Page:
"The problem of Boko Haram cannot be solved only at a security level, but a clear strategy is needed to involve all the political environments in the north of the Country, to cope with the issue," said Catholic Archbishop John Olorunfemi Onaiyekan of Abuja, Nigeria's capital.

 "When I refer to these environments, I do not say that they are responsible for the violence of the Boko Haram, but of course there are attitudes of letting go or of not supporting the government. In other words proactive actions to eliminate this danger are not taken", said Archbishop Onaiyekan, who stresses: " Sooner or later someone will have to talk to the Boko Haram and I think those who can talk to them are those who share their own expectations, but not their methods. I realize that it is difficult to find common ground because neither the government nor the majority of Nigerians want an Islamic State. But we need to involve all political parties in a national dialogue to get out of this crisis in Nigeria", said the Archbishop.

 According to Archbishop Onaiyekan the political solution is a necessary, because "it is impossible to guarantee everyone's safety in such a vast country. It is very easy to transfer weapons from one part of Nigeria to another. The same police stations, which were the object of recent attacks carried out by Boko Haram, are often isolated and not easily defensible. We must therefore find another way to stop the Boko Haram and I think this is possible".

 With regards to the arrest in Kano (northern cities where the last attack of the sect caused 185 deaths) of about 200 Boko Haram activists, most of whom are Chadian immigrants, Archbishop Onaiyekan said "I do not think we can say that these people are mercenaries from Chad, because the border between Chad, Niger and northern Nigeria are very permeable, and there are continuous movements of population between one country and another, to the point that no one knows who is from Nigeria, Niger, and those who are Chadians. The only thing that these arrests show is that the phenomenon of Boko Haram goes beyond the borders of Nigeria and therefore there is the need to involve the governments of neighboring Countries. Closing the borders is useless. The border between Niger and Nigeria is huge and it is a flat desert, easy to cross, and impossible to control".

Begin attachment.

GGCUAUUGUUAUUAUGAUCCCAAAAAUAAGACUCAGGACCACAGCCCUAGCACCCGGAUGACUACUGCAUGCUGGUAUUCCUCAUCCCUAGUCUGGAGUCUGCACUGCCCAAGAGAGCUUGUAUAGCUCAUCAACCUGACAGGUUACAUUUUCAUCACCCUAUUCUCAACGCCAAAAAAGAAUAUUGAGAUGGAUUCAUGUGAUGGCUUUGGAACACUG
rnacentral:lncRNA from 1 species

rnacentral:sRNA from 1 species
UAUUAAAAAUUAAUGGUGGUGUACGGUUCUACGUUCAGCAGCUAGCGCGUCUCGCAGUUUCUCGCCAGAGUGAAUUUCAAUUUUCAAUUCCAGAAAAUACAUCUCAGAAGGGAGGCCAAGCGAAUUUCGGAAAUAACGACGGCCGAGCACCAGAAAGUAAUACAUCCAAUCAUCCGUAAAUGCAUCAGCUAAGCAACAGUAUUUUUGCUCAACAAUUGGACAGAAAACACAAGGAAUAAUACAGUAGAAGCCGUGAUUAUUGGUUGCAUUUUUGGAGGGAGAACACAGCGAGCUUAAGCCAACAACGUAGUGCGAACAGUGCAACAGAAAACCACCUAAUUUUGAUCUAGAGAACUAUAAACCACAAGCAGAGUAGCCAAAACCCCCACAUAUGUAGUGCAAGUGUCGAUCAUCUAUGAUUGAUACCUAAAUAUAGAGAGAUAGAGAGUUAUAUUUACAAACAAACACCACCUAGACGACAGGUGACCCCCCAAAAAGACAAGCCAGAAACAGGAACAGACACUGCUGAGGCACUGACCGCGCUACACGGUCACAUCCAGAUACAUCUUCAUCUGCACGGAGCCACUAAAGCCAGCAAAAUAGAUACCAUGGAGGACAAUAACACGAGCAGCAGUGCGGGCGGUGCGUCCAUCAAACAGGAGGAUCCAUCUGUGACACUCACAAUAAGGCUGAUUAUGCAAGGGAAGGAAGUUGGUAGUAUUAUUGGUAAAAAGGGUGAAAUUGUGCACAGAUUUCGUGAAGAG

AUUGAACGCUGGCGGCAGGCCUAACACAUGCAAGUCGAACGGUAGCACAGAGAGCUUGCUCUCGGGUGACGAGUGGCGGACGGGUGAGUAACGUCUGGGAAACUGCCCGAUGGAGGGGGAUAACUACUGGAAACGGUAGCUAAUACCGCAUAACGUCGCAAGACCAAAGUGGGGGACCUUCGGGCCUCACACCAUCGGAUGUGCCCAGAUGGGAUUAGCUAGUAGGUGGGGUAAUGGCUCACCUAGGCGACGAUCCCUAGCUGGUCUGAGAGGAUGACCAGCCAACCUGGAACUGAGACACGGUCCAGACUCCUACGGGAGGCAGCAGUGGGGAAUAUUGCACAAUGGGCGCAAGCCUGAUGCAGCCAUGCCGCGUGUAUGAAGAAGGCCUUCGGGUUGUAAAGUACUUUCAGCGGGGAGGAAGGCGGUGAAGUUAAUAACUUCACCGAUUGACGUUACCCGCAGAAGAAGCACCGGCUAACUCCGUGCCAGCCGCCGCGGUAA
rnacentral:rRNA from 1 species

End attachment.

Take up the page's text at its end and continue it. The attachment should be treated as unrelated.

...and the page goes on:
When asked if it is true that there is a mass exodus of Christians from the north of Nigeria, the archbishop replied, "The population moves out of fear.  Those who can escape do so, especially those who are originally from other parts of the country: they go back home waiting to see how the situation develops. The vast majority of Christians has remained. One must take into consideration that the original population of the south that have been living in the north for more than 2-3 generations is very consistent".

"Whoever says that Nigeria will be divided between a Muslim north and a Christian south does not know the reality of the country" stressed Archbishop Onaiyekan. "I am just wondering: where is the border between North and South Nigeria? No one knows. We have always said that talking about the north and south is not the same as talking about division between Islam and Christianity. There is a large number of Muslims in the south, in particular in the state of Yoruba, and a number much higher than what is being said, of Christians of the north, many of whom are indigenous. These latter, where should they go in case of division of the Country? " asks the Archbishop.

Source: FIDES and agency reports



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Spero News writer Martin Barillas is a former US diplomat, who also worked as a democracy advocate and election observer in Latin America. His first novel 'Shaken Earth', is available at Amazon.

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